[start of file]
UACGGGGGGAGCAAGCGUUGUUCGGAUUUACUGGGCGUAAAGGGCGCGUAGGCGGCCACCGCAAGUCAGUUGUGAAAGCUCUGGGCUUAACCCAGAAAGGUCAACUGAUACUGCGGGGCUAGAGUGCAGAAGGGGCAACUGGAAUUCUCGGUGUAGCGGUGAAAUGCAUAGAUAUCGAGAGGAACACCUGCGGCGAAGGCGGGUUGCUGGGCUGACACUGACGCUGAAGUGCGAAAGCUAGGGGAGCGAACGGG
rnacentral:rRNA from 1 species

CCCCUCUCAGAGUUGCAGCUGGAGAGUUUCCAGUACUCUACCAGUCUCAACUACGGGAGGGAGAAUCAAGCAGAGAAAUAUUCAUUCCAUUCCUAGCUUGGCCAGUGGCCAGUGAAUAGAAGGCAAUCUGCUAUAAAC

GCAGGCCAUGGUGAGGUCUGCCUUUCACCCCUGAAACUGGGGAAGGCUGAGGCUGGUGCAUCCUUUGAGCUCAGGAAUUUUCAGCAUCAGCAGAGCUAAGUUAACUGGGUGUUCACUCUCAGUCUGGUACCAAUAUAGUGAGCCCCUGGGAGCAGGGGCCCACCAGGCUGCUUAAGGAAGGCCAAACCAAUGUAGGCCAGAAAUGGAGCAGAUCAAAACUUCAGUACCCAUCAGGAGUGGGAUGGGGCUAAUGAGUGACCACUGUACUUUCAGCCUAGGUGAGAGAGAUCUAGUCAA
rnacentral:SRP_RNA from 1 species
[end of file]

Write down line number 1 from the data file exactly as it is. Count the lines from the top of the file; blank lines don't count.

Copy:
UACGGGGGGAGCAAGCGUUGUUCGGAUUUACUGGGCGUAAAGGGCGCGUAGGCGGCCACCGCAAGUCAGUUGUGAAAGCUCUGGGCUUAACCCAGAAAGGUCAACUGAUACUGCGGGGCUAGAGUGCAGAAGGGGCAACUGGAAUUCUCGGUGUAGCGGUGAAAUGCAUAGAUAUCGAGAGGAACACCUGCGGCGAAGGCGGGUUGCUGGGCUGACACUGACGCUGAAGUGCGAAAGCUAGGGGAGCGAACGGG